Obviously, for aquaculturists, what’s far more important than assessment tools for egg quality, are determinants of egg quality. As discussed above, diet, pathogen burden, and endocrine state all play important roles. In the wild, fishes are eating exactly what they need to eat and their spawning cycles are controlled by complex hormonal interactions that are synchronized by exogenous cues like photoperiod, temperature, and the lunar cycle. For these reasons, it is not surprising that wild collected eggs show better survivability than those spawned in captivity. In an aquarium, artificial light and temperature regimes coupled with fishes’ internal timing mechanisms send mixed messages to the elements of the endocrine system responsible for the coordinated assembly of a healthy egg (oogenesis), a complex process that can take years. Efforts to induce spawning by injecting hormones such as human chorionic gonadotropin (HCG), or manipulating daylight cycles have been successful to a point, but these tactics may result in premature ovulation. Resulting eggs are often deficient in critical components and suffer high mortalities.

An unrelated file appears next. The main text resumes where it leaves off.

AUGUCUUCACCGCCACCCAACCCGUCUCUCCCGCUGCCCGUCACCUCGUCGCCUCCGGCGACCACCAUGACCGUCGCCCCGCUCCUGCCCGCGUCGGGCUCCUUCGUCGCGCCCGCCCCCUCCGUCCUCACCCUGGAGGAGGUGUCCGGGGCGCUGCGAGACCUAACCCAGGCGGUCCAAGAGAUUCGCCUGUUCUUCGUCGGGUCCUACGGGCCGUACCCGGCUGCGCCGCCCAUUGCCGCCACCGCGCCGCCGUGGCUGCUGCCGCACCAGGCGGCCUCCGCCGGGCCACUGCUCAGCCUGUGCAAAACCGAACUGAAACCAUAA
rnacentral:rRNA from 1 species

You may have noticed that in discussions of spawn quality, females and egg cells are often given much more attention than males and sperm. There’s a good reason for this. Sperm cells are little more than a packet of DNA with a flagellum (in most animals). As such, they are typically much smaller than egg cells and don’t show as much variability in size between species. A human egg cell is 30-50 times larger than a sperm cell. In most fishes however, the disparity is much greater. An average-sized pelagic fish egg, measuring 1mm in diameter is 23,000 times larger, by volume than a human egg. Besides DNA and a membrane, egg cells contain the energy, in the form of yolk, needed for the early stages of development, but that’s not all. They also contain vitamins, hormones and messenger RNAs carrying instructions for the assembly of proteins needed for development. All of these components must be contributed by the mother before ovulation. So, although genetics play a role (not addressed here), the importance of the sperm cell in spawn quality ends there, whereas most of the variables surrounding the viability of an embryo are tied to the egg cell. One tactic often used by aquaculturists to improve egg quality, is to include fish eggs (roe) in the broodstock diet. One way to gain access to fresh eggs is to develop a good relationship with your local seafood market and ask if they would set roe aside while cleaning fish. Keep in mind that there may be significant differences in egg composition between freshwater and marine species and also between warm and cold-water species.